UNITED NATIONS CONCILIATION COMMISSION FOR PALESTINE
COMMITTEE ON JERUSALEM
SUMMARY RECORD OF THE THIRTY-SECOND MEETING
held Lausanne on Tuesday,
14 June 1949, 12 noon
1. Reply of Delegation of Israel to the questionnaire concerning an international regime for Jerusalem (Com.Jer./9) and statement on Jerusalem and the Holy Places by the representative of Israel at the 45th meeting of the Ad Hoc Political Committee (Com.Jer./W.20)
It was agreed that the Israeli reply should simply be noted and acknowledged, pending a reply from the Arab delegations, and that members of the Committee should individually and informally impress upon the Arab delegations the desirability for such a reply within the shortest possible time.
On the proposal of Mr. Eralp, it was agreed not to accede to the request of certain of the Arab delegations to be informed of the reply given by the Israeli delegation till all replies had been received.
The statement by the representative of Israel at the 45th meeting of the Ad Hoc Political Committee was noted.
2. Memoranda the Russian Ecclesiastical Mission and by the Orthodox Palestine Society on their activities and property in Palestine (Com.Jer. W.22 and 23)
Mr. BENOIST proposed that the Israeli delegation should be asked for information on the reported position. He had been informed that certain ecclesiastical properties had been handed over to Russian orthodox priests who had recently come to Palestine from the Soviet Union. In reply to a question by Mr. Eralp, he pointed out that the Committee would concern itself with such matters as come within the scope of the term “Holy Places, sites and religious buildings”, which should be considered as covering property required for the support of religious communities. His delegation had always maintained that the phrase in question called for definition. He would submit such a definition to the Committee.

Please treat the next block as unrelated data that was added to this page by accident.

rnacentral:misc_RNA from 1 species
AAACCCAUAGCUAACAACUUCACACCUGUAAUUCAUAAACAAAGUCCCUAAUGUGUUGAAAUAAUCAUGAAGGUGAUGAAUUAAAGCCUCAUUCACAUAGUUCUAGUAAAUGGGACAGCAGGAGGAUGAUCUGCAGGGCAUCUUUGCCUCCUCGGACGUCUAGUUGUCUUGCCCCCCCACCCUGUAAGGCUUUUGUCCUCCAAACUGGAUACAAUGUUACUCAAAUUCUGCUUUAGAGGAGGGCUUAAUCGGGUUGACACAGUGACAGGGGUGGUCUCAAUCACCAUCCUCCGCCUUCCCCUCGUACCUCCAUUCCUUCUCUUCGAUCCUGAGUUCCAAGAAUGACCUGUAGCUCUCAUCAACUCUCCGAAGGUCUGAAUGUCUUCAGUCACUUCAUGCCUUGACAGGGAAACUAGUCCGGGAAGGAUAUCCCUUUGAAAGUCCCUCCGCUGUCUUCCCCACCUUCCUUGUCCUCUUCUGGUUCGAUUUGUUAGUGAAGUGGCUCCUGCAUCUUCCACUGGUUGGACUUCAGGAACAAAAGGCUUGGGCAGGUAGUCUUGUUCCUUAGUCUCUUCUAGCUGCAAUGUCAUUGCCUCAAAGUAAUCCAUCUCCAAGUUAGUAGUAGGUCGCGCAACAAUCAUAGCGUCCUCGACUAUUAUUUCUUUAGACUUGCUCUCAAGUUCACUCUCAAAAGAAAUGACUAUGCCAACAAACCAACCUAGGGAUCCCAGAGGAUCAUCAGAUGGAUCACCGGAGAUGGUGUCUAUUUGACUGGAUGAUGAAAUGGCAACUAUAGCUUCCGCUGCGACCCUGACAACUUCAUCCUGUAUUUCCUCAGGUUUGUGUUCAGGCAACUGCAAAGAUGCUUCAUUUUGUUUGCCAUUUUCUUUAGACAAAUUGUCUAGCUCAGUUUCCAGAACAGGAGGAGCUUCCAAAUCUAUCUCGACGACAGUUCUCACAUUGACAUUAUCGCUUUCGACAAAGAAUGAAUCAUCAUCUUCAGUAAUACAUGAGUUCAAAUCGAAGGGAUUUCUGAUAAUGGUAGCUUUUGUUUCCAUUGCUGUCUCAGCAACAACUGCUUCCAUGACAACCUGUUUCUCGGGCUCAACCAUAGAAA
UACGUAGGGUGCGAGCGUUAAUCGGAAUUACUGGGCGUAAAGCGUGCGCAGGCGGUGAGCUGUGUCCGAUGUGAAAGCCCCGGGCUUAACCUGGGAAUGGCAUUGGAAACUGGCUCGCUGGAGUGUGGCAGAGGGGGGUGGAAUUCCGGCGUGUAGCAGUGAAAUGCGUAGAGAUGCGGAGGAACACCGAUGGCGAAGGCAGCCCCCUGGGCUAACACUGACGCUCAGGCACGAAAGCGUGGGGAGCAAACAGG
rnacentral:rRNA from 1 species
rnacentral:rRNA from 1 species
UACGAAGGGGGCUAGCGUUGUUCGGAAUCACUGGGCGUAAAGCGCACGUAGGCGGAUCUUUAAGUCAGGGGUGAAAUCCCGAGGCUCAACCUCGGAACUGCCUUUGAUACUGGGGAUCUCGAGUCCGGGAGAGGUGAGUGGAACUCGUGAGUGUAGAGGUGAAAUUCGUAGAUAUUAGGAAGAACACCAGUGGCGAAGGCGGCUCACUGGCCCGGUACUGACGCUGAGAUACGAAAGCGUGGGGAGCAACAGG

It was agreed to ask the Israeli delegation for information as proposed.
3. Letter by the Anglican Bishop in Jerusalem concerning the internationalization of Jerusalem (NC/21)
It was agreed to send a cordial letter to the Bishop assuring him that his views would be taken into consideration
4. Communication from Commission of the Churches on International Affairs (NC/22)
The CHAIRMAN noted that the views expressed were in harmony with those of the Committee. It was agreed to acknowledge the communication, and to say that it would be taken into account:
5. Plan of Work of the Committee.
Mr. BENOIST recalled that besides discussion with the Israeli delegation over ecclesiastical property, it was necessary to improve the drafting and to re-examine certain points of detail of the Draft Proposal for an international regime for the Jerusalem area. The revision should be completed as soon as possible. The French delegation had submitted the Draft Proposal to its Government which agreed with it in principle.
In regard to Article 11, he had understood that both the United States and Turkey would agree to fixing the number of international guards at a hundred, implying a reserve of three or four times that number. He had calculated that the cost of the salaries of the administrative staff, the members of the Tribunal and the guards, which should be borne entirely by the United Nations without Israeli or Arab contributions, would amount to an over-all figure of about two million dollars. The SECRETARY added that the Secretariat was considering the financial implications of the whole plan.
The CHAIRMAN thought the number of guards should be left to the decision of the Administrator, but agreed that one hundred could be taken as a rough basis for calculating the total expense.
He himself queried whether the number of police contemplated, of one thousand for each zone, was not unduly high. While large police forces might be required as long as the situation remained chaotic, it appeared undesirable to make permanent provision for them. He suggested that a number might be fixed with the proviso that it should not be exceeded except with the consent of the Administrator.
He suggested that an expert opinion should be sought, for instance from Mr. Frank Begley at Lake Success who was familiar with the problem.